Letnz dominant in Brazil: Win places Plymouth resident in MMA world Top-10


Plymouth resident Nik Lentz trains for a UFC fight. (Sun Newspapers file photo)
Plymouth resident Nik Lentz trains for a UFC fight. (Sun Newspapers file photo)

Last year around this time there were many mixed martial arts “experts” questioning whether Nik Lentz had a future in the Ultimate Fighting Championship.

After starting his UFC career with 5 wins, 0 losses and 1 draw, the Plymouth resident was in the midst of a two-fight losing streak in the promotion’s lightweight (155 pounds) division. Those losses followed a no decision, which was initially declared a loss, but was overturned due to an opponent’s illegal knee strike.

But now, after a weight class change and two dominant performances, the Bloomington Jefferson graduate and former University of Minnesota wrestler has vaulted to No. 7 featherweight (145 pounds) fighter in the world, according to fightmatrix.com.

Lentz used his superior wrestling and grappling skills along with an effective ground and pound strategy to walk away from the Jan. 19 “UFC of FX 7: Belfort vs. Bisping” card with another dominant victory and a shot at being in the title mix very soon.

Lentz, who came into the fight as the No. 21 featherweight in the world, was matched against Brazilian fighter Diego Nunes, who was ranked No. 6 in the world.

Lentz wasted no time taking control of the fight, scoring five takedowns in the opening round and landing 63 of 70 strikes, compared to the four strikes thrown by his opponent – only of those landed.

In the second round, Nunes stopped Lentz’s first takedown attempt and landed a couple of strikes and later knocked him down near the end of the round, In between those shots; however, it was all Lentz. After missing on his first takedown attempt, he later scored one and landed 85 of 97 strikes.

The third and final round was again all Lentz as he landed 57 of 67 strikes and scored 4 of his 9 takedown attempts. The only time Lentz seemed to be in any danger was in the closing seconds of the fight. Nunes escaped to his feet and unleashed a flurry of desperate punches, hoping they would connect to score a knockout – the only chance he had to win the fight. Although he absorbed a few of those shots, Lentz was able to again gain control of Nunes and ride out the final few seconds to a unanimous decision victory.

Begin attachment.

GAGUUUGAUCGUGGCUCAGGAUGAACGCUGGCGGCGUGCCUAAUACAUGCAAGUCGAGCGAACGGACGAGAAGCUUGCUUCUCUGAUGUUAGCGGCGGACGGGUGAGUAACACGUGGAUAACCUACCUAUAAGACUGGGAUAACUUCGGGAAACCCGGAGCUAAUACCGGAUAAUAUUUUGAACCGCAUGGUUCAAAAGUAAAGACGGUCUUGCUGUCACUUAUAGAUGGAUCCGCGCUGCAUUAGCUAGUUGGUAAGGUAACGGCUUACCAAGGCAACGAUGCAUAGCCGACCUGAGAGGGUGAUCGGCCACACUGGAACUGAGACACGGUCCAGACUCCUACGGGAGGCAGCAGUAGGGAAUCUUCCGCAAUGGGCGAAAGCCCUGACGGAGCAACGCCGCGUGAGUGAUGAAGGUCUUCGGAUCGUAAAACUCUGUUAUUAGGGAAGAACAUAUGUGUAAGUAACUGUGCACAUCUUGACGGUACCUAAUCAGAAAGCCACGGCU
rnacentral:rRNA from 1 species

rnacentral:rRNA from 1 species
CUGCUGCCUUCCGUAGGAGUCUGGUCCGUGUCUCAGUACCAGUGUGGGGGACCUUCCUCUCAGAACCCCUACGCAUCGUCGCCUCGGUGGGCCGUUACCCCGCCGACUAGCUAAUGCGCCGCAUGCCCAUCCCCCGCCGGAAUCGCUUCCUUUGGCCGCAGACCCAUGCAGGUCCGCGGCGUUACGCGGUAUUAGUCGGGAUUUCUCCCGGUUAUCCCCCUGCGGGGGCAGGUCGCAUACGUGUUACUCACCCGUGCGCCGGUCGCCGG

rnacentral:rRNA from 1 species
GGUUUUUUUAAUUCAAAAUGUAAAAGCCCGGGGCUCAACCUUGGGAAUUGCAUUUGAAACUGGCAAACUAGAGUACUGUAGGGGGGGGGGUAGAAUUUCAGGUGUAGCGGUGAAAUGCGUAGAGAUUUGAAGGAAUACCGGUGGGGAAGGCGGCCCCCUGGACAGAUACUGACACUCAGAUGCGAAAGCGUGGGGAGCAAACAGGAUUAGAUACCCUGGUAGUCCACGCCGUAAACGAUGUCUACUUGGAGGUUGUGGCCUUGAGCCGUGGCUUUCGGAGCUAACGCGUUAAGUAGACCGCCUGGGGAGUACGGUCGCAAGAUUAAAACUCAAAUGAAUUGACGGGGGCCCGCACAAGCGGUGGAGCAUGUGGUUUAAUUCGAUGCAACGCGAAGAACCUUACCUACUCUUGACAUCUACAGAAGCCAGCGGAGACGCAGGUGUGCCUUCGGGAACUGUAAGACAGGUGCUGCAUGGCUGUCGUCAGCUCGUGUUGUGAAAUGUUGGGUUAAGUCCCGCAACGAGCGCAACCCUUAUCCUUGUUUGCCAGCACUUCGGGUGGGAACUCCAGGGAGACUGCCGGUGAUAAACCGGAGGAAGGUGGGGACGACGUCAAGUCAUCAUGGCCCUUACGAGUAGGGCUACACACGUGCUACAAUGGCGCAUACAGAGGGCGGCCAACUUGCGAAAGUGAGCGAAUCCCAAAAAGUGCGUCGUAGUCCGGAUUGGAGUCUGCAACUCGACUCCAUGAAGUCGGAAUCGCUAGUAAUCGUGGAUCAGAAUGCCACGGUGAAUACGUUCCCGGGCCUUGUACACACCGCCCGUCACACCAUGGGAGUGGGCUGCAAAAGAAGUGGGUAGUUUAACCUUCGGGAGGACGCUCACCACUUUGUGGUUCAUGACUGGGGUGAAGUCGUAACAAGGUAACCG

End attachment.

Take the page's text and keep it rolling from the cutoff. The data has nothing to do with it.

In all, Lentz landed 205 of 234 strikes in the fight, compared to Nunes’ 19 of 33, according to fightmetric.com, a MMA statistics site. The site also noted that Lentz was 10 of 21 on takedown attempts, while Nunes did not attempt a takedown. Neither fighter attempted a submission.

To the dismay of the crowd, the judges scored the fight 30-27, 30-28 and 30-27 in Lentz’s favor.

While Nunes’ countrymen didn’t like the outcome of the fight, which was held in São Paulo, Nunes acknowledged he was beaten by the better fighter in the cage prior to the decision being announced.

Beaten and exhausted, Nunes attempted to lift Lentz into the air to congratulate him on the victory – he was barely able to get him off the ground. While the gesture didn’t work out as well as he’d planned, the sentiment behind it was still there.

The victory skyrocketed Lentz up to No. 7 on Fight Matrix’s Top-10 list behind notable names including UFC featherweight champion Jose Aldo, Bellator Fighting Championship featherweight champion Pat Curran and top contenders Cub Swanson and Dennis Siver.

Prior to his previous fight – last August against Elji Mitsuoka – Lentz made the switch to the lighter weight class, left the Minnesota Martial Arts Academy to become a part of Florida-based American Top Team and enlisted the help of nutritionist Mike Dolce to help him make weight while retaining his strength.

The changes paid off as Lentz earned a first-round technical knockout victory against Mitsuoka – his first UFC knockout.

Lentz’s professional record now stands at 23-5-2 with 1 no contest, including a 7-2-1 with 1 no contest in the UFC.

Contact Jared Huizenga at [email protected]